The Coroner took the liberty to express his own and the jury’s sympathy with Mrs GOODWIN in the loss she had sustained by the death of her husband. They were very sorry for her.

George HOSKINS said: I live at 113 Lodge-lane, Dukinfield, and am employed at the Victoria Mill, belonging to the Newton Moor Spinning Co. About a quarter to five o’clock on Monday afternoon I was working with the deceased on the top floor of the mill. I saw him get on the hoist alone and let himself down to the third floor.

The next thing I noticed was the hoist moving upwards. I then shouted but did not get any reply. When I did not get any reply I ran to the third landing and saw the hoist doors open. I closed them and ran to the bottom. I found the deceased lying in cellar, he lying in the well of the hoist. There were also two skips containing cops there. The deceased was alive, but insensible.

He was removed and placed in the cellar, and only lived a few minutes. He died just before Dr PARK came. Witness did not hear any noise. He took two skips with him, and the other two skips which were found at the bottom must have been from the third storey. It is possible he might have stepped backwards with the skips thinking the hoist was there. I had not seen the skips on the third landing.

I have never known the hoist to move itself. It is easy to stop and start the hoist. — By the jury: It was quite light at the time, and the mill was not lighted up. — We could have put a light in if we had liked. — By a juror: The doors are fastened inside. — The skips are dragged into the hoist backwards. There was no one in the cellar that night to interfere with the ropes of the hoist. There are no notices to the effect that no one must touch the ropes. The cop carrier had gone home because we were working short time.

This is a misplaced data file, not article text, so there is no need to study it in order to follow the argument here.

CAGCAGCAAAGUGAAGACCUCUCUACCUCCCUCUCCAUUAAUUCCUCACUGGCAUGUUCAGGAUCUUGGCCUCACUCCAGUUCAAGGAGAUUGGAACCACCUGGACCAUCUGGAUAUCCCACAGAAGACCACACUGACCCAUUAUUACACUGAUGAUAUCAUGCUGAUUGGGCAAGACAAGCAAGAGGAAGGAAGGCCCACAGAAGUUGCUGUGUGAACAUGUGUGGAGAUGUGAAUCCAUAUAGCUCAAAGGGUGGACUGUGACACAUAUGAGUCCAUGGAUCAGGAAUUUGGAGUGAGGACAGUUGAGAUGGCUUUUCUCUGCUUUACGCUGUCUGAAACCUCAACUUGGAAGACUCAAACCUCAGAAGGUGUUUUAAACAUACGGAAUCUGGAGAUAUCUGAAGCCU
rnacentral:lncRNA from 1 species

Mr WALMERSLEY explained the of the hoist. The deceased must have been in the habit of dragging the skips into the hoist, and the hoist having descended, he fell down. He might have pulled the rope too far and reveresed the movement of the hoist.

In reply to questions, witness said the scavengers were not allowed to interfer with the hoist. In his opinion the deceased pulled the rope of the hoist amd reversed it. It had never done that before. There was a proper hoist attendant at the mill, but he had gone home.

The Coroner said the engineer was present to give evidence if necessary, but he did not think they need call him. It was quite clear deceased must have fallen from the third landing to the bottom of the hoist-shaft. The engineer could not tell them as much as the last witness. — A juror thought they might hear what he had to say.

James WARHURST was then called, but was not sworn. He stated that on the afternoon of the day in question, just before five o'clock, he was on the steps on the first landing, when he met a little piecer, who said "Jesse GOODWIN has fallen down the hoist." Witness went to the bottom, and saw the deceased there and the last witness HOSKINS.